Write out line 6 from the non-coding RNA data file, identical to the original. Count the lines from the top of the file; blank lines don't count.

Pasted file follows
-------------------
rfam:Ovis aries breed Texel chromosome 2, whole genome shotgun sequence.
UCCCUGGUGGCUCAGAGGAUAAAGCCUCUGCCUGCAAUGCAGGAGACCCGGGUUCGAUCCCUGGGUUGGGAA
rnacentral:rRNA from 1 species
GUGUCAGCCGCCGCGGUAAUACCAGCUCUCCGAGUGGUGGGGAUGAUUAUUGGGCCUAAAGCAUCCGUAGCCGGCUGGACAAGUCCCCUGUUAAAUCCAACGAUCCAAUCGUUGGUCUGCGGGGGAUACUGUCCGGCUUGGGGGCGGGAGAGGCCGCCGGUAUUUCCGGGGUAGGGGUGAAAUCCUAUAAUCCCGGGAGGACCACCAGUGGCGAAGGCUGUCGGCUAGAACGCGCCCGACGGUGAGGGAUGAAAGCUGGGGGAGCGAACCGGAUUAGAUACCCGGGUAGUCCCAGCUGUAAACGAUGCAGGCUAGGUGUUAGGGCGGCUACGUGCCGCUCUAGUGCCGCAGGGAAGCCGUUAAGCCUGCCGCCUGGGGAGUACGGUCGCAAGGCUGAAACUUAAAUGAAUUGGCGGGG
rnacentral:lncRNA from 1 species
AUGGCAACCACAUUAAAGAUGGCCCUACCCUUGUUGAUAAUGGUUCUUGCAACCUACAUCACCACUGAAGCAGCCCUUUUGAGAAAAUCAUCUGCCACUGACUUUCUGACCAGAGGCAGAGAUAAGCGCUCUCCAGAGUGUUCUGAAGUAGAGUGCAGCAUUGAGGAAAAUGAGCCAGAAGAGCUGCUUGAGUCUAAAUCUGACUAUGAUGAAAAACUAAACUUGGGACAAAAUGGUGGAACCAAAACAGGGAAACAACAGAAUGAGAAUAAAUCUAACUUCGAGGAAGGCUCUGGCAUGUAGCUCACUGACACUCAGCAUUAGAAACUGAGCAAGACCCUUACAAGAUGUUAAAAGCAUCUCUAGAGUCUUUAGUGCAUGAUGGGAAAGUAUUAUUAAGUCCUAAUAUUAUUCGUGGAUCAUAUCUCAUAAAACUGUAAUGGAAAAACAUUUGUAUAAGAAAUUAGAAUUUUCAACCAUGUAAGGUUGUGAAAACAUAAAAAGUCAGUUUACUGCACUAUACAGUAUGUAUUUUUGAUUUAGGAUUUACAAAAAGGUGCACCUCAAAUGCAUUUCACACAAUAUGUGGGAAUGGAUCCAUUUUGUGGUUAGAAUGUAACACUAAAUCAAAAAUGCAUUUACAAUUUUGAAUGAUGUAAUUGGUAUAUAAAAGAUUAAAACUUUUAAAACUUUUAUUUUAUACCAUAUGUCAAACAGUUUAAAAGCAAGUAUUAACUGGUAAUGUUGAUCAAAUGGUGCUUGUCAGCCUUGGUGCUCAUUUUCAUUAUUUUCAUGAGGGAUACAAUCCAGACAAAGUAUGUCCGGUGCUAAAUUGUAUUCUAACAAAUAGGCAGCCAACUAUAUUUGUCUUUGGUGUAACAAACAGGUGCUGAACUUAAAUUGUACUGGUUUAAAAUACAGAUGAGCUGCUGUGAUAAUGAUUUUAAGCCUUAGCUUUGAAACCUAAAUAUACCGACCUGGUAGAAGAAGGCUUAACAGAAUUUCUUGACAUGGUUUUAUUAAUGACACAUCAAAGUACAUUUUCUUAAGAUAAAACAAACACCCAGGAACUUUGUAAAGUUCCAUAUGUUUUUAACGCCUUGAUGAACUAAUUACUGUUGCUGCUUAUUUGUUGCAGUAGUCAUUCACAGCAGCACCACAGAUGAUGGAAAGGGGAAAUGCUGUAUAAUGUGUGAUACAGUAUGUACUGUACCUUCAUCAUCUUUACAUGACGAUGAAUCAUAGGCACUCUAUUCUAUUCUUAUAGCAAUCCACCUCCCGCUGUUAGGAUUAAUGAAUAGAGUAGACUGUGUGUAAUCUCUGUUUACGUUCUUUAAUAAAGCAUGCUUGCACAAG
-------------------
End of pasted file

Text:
AUGGCAACCACAUUAAAGAUGGCCCUACCCUUGUUGAUAAUGGUUCUUGCAACCUACAUCACCACUGAAGCAGCCCUUUUGAGAAAAUCAUCUGCCACUGACUUUCUGACCAGAGGCAGAGAUAAGCGCUCUCCAGAGUGUUCUGAAGUAGAGUGCAGCAUUGAGGAAAAUGAGCCAGAAGAGCUGCUUGAGUCUAAAUCUGACUAUGAUGAAAAACUAAACUUGGGACAAAAUGGUGGAACCAAAACAGGGAAACAACAGAAUGAGAAUAAAUCUAACUUCGAGGAAGGCUCUGGCAUGUAGCUCACUGACACUCAGCAUUAGAAACUGAGCAAGACCCUUACAAGAUGUUAAAAGCAUCUCUAGAGUCUUUAGUGCAUGAUGGGAAAGUAUUAUUAAGUCCUAAUAUUAUUCGUGGAUCAUAUCUCAUAAAACUGUAAUGGAAAAACAUUUGUAUAAGAAAUUAGAAUUUUCAACCAUGUAAGGUUGUGAAAACAUAAAAAGUCAGUUUACUGCACUAUACAGUAUGUAUUUUUGAUUUAGGAUUUACAAAAAGGUGCACCUCAAAUGCAUUUCACACAAUAUGUGGGAAUGGAUCCAUUUUGUGGUUAGAAUGUAACACUAAAUCAAAAAUGCAUUUACAAUUUUGAAUGAUGUAAUUGGUAUAUAAAAGAUUAAAACUUUUAAAACUUUUAUUUUAUACCAUAUGUCAAACAGUUUAAAAGCAAGUAUUAACUGGUAAUGUUGAUCAAAUGGUGCUUGUCAGCCUUGGUGCUCAUUUUCAUUAUUUUCAUGAGGGAUACAAUCCAGACAAAGUAUGUCCGGUGCUAAAUUGUAUUCUAACAAAUAGGCAGCCAACUAUAUUUGUCUUUGGUGUAACAAACAGGUGCUGAACUUAAAUUGUACUGGUUUAAAAUACAGAUGAGCUGCUGUGAUAAUGAUUUUAAGCCUUAGCUUUGAAACCUAAAUAUACCGACCUGGUAGAAGAAGGCUUAACAGAAUUUCUUGACAUGGUUUUAUUAAUGACACAUCAAAGUACAUUUUCUUAAGAUAAAACAAACACCCAGGAACUUUGUAAAGUUCCAUAUGUUUUUAACGCCUUGAUGAACUAAUUACUGUUGCUGCUUAUUUGUUGCAGUAGUCAUUCACAGCAGCACCACAGAUGAUGGAAAGGGGAAAUGCUGUAUAAUGUGUGAUACAGUAUGUACUGUACCUUCAUCAUCUUUACAUGACGAUGAAUCAUAGGCACUCUAUUCUAUUCUUAUAGCAAUCCACCUCCCGCUGUUAGGAUUAAUGAAUAGAGUAGACUGUGUGUAAUCUCUGUUUACGUUCUUUAAUAAAGCAUGCUUGCACAAG